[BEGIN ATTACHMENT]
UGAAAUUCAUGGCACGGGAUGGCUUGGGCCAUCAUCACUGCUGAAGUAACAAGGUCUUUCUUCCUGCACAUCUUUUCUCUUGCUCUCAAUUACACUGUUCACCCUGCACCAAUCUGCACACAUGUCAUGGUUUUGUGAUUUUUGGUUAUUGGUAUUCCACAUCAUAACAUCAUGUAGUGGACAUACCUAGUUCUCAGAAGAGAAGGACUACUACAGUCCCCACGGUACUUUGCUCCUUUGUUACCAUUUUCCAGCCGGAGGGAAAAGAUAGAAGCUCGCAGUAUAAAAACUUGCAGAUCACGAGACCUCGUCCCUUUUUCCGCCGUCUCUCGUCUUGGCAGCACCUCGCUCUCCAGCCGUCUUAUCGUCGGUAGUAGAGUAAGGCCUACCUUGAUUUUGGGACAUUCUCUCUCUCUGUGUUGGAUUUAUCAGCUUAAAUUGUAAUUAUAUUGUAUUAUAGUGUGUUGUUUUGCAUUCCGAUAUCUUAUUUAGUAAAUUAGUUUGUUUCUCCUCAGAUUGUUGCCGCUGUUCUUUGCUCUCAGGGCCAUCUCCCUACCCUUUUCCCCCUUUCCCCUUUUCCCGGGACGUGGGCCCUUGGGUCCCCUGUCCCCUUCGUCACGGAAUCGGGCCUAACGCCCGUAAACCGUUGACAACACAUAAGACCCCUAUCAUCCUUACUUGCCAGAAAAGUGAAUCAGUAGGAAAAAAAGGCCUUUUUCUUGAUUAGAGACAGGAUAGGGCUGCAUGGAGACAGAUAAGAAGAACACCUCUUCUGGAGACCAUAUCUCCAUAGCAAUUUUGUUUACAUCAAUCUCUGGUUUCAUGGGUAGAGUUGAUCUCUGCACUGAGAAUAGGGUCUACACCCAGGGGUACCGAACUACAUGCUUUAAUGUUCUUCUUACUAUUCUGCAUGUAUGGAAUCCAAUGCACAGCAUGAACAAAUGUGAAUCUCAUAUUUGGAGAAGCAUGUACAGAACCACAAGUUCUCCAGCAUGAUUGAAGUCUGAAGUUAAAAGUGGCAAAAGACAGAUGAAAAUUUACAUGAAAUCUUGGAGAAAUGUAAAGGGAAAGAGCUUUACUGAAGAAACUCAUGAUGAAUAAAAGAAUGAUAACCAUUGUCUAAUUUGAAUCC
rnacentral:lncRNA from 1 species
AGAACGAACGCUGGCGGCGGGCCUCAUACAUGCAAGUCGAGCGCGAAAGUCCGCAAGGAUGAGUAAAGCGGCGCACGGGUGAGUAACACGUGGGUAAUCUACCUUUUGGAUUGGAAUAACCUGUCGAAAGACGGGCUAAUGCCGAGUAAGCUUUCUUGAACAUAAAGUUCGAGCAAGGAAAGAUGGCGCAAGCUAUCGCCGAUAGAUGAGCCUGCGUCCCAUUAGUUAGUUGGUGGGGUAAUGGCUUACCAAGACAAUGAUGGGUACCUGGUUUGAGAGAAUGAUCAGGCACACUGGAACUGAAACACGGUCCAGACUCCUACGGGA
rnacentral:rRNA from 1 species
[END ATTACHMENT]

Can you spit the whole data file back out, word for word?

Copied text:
UGAAAUUCAUGGCACGGGAUGGCUUGGGCCAUCAUCACUGCUGAAGUAACAAGGUCUUUCUUCCUGCACAUCUUUUCUCUUGCUCUCAAUUACACUGUUCACCCUGCACCAAUCUGCACACAUGUCAUGGUUUUGUGAUUUUUGGUUAUUGGUAUUCCACAUCAUAACAUCAUGUAGUGGACAUACCUAGUUCUCAGAAGAGAAGGACUACUACAGUCCCCACGGUACUUUGCUCCUUUGUUACCAUUUUCCAGCCGGAGGGAAAAGAUAGAAGCUCGCAGUAUAAAAACUUGCAGAUCACGAGACCUCGUCCCUUUUUCCGCCGUCUCUCGUCUUGGCAGCACCUCGCUCUCCAGCCGUCUUAUCGUCGGUAGUAGAGUAAGGCCUACCUUGAUUUUGGGACAUUCUCUCUCUCUGUGUUGGAUUUAUCAGCUUAAAUUGUAAUUAUAUUGUAUUAUAGUGUGUUGUUUUGCAUUCCGAUAUCUUAUUUAGUAAAUUAGUUUGUUUCUCCUCAGAUUGUUGCCGCUGUUCUUUGCUCUCAGGGCCAUCUCCCUACCCUUUUCCCCCUUUCCCCUUUUCCCGGGACGUGGGCCCUUGGGUCCCCUGUCCCCUUCGUCACGGAAUCGGGCCUAACGCCCGUAAACCGUUGACAACACAUAAGACCCCUAUCAUCCUUACUUGCCAGAAAAGUGAAUCAGUAGGAAAAAAAGGCCUUUUUCUUGAUUAGAGACAGGAUAGGGCUGCAUGGAGACAGAUAAGAAGAACACCUCUUCUGGAGACCAUAUCUCCAUAGCAAUUUUGUUUACAUCAAUCUCUGGUUUCAUGGGUAGAGUUGAUCUCUGCACUGAGAAUAGGGUCUACACCCAGGGGUACCGAACUACAUGCUUUAAUGUUCUUCUUACUAUUCUGCAUGUAUGGAAUCCAAUGCACAGCAUGAACAAAUGUGAAUCUCAUAUUUGGAGAAGCAUGUACAGAACCACAAGUUCUCCAGCAUGAUUGAAGUCUGAAGUUAAAAGUGGCAAAAGACAGAUGAAAAUUUACAUGAAAUCUUGGAGAAAUGUAAAGGGAAAGAGCUUUACUGAAGAAACUCAUGAUGAAUAAAAGAAUGAUAACCAUUGUCUAAUUUGAAUCC
rnacentral:lncRNA from 1 species
AGAACGAACGCUGGCGGCGGGCCUCAUACAUGCAAGUCGAGCGCGAAAGUCCGCAAGGAUGAGUAAAGCGGCGCACGGGUGAGUAACACGUGGGUAAUCUACCUUUUGGAUUGGAAUAACCUGUCGAAAGACGGGCUAAUGCCGAGUAAGCUUUCUUGAACAUAAAGUUCGAGCAAGGAAAGAUGGCGCAAGCUAUCGCCGAUAGAUGAGCCUGCGUCCCAUUAGUUAGUUGGUGGGGUAAUGGCUUACCAAGACAAUGAUGGGUACCUGGUUUGAGAGAAUGAUCAGGCACACUGGAACUGAAACACGGUCCAGACUCCUACGGGA
rnacentral:rRNA from 1 species